A well trained employee will certainly differentiate your organisation from that of your competitor.  Imagine a scenario where a customer service personnel ends a call without solving the customer’s issue or proffering possible solutions?  Worse still the employee is rude, doesn’t show concern and is unapologetic?  Unfortunately, situations like this occur everyday and in many instances the managers don’t get to hear about it.  In some cases, the first inkling they get is when revenue starts to dwindle.

Teachable MomentThe interesting fact is that the cycle doesn’t end there.  Lower revenue negatively impacts profits, the employer is forced to look at different ways to stay afloat possibly making cuts in it’s spending on employee benefits which then makes employees feel undervalued and demotivated and ultimately impacts individual and corporate performance.

There are two major reasons employers are reluctant to train their employees:

  1. Training is costly

Training your employees will definitely come at a cost but if done properly, the cost should be quantifiable and therefore budgeted for.  This allows adequate planning ahead of the expenditure.  On the other hand the consequence of inadequate training could be disastrous for the company.  Dissatisfied customers and a bad reputation as a result of defective products or poor service delivery could lead to a total loss of business.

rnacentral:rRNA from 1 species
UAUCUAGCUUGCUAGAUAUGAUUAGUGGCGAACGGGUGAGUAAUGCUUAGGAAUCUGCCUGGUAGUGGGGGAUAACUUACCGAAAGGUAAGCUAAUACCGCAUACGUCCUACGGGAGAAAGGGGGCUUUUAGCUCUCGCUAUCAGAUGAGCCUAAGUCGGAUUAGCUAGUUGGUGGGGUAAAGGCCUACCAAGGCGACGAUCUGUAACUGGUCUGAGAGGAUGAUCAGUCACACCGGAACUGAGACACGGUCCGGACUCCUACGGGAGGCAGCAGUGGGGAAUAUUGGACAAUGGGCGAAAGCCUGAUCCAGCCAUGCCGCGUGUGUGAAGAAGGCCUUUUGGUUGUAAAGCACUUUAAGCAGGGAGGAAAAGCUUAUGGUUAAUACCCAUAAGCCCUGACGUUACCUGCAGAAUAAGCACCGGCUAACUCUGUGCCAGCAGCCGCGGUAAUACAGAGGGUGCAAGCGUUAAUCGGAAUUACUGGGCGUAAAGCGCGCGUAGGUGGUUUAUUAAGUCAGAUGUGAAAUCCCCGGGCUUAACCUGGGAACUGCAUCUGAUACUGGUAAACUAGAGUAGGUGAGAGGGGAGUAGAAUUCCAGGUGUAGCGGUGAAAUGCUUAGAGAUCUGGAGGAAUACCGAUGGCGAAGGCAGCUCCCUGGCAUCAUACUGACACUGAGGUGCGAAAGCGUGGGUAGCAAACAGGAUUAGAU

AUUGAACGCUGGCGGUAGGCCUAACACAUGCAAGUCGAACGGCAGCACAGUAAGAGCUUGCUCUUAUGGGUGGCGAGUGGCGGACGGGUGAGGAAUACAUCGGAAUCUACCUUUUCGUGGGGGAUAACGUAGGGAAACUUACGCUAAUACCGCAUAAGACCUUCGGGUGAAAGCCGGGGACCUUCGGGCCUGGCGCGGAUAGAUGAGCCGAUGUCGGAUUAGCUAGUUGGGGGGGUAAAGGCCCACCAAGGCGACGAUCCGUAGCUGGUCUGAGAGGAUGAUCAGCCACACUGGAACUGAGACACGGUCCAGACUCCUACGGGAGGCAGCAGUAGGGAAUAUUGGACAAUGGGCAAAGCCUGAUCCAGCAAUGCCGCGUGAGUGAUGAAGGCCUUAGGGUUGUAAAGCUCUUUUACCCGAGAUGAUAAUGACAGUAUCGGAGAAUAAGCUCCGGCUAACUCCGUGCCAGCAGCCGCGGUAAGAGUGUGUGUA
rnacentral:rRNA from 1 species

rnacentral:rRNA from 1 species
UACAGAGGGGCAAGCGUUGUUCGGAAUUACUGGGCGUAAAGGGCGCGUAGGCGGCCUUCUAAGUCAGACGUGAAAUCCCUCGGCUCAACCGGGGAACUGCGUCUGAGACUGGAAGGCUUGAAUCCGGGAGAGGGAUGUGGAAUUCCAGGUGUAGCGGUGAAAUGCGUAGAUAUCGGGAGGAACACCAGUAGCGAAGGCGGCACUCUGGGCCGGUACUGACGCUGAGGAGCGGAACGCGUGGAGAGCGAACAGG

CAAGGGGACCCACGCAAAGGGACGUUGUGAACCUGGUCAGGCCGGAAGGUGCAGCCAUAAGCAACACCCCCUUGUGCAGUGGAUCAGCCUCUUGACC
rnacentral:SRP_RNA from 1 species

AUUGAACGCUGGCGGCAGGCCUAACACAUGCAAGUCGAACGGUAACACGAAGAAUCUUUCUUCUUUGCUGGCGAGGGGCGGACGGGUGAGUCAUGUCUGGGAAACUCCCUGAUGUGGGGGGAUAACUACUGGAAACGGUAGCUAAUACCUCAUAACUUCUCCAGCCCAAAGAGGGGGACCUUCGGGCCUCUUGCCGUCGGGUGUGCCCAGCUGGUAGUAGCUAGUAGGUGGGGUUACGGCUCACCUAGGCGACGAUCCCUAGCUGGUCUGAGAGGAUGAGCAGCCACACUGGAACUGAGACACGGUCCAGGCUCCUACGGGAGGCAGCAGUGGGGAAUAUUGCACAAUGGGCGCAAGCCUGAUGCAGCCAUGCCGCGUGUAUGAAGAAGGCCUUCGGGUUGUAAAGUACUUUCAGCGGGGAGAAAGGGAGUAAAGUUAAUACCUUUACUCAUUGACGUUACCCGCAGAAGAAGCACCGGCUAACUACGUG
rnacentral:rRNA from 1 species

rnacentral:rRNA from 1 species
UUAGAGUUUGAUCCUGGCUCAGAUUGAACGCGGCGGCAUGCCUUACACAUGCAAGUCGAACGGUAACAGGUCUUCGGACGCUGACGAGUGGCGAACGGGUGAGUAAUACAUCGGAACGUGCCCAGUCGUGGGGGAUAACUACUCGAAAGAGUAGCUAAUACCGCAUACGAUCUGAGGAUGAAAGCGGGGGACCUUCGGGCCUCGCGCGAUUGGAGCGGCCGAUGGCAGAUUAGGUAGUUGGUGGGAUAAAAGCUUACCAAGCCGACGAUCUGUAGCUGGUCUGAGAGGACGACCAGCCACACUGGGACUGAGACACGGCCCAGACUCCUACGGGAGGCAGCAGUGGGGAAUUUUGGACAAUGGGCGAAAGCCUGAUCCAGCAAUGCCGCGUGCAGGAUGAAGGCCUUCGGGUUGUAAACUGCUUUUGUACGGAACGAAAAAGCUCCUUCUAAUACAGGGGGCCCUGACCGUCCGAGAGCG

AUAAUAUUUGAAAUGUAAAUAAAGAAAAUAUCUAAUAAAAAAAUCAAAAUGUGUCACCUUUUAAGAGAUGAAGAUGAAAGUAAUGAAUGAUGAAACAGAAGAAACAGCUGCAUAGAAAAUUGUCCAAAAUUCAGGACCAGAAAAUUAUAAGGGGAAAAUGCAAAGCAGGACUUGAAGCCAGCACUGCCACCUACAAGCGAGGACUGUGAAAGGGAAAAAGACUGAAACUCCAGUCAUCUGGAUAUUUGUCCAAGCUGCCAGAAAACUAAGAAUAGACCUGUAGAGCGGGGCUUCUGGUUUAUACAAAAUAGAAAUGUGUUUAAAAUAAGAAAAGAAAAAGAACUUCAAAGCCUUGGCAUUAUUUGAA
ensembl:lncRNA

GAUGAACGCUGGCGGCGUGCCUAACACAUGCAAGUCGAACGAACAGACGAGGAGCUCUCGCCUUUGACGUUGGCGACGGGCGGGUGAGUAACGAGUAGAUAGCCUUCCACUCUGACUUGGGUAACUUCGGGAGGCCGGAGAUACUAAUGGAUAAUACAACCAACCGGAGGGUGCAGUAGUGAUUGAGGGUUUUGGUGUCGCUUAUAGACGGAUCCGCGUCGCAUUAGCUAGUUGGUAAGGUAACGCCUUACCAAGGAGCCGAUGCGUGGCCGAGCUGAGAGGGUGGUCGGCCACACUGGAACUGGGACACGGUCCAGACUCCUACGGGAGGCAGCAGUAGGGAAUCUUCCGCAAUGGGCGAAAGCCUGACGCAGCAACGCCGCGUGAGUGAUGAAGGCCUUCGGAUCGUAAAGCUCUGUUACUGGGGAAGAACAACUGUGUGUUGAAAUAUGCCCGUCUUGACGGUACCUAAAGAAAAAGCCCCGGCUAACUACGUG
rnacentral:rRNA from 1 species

1. Trained employees become knowledgeable, attractive to the competition and ultimately leave

Investing in EmployeesMost have heard the famous Henry Ford quote “The only thing worse than training your employees and having them leave is not training them and having them stay.”  Just imagine a scenario where all your ‘top’ performers become disillusioned with their prospects in your organisation and leave the company? What will be the calibre of those that stay and will they be able to carry the organisation forward?

Employee Training BenefitsFormal development of employees does not have to be costly.  In some instances, a manager spending some one-on-one time with their subordinate and guiding them on how to fill gaps that exist in their skills and learning needs could do the trick.  In addition, depending on the level and skill, you could develop in-house training guides that will improve ‘On-the-Job Training’ (OJT).  Because the modules are specifically designed for your organisational needs, they can be used for as long as they remain valid, thereby reducing the overall cost of training over the long term.

Classroom based teaching methods will always have their place and it’s important that where this is the best approach to enhance learning, it is used.  Remember that classroom sessions can be conducted in one of two ways: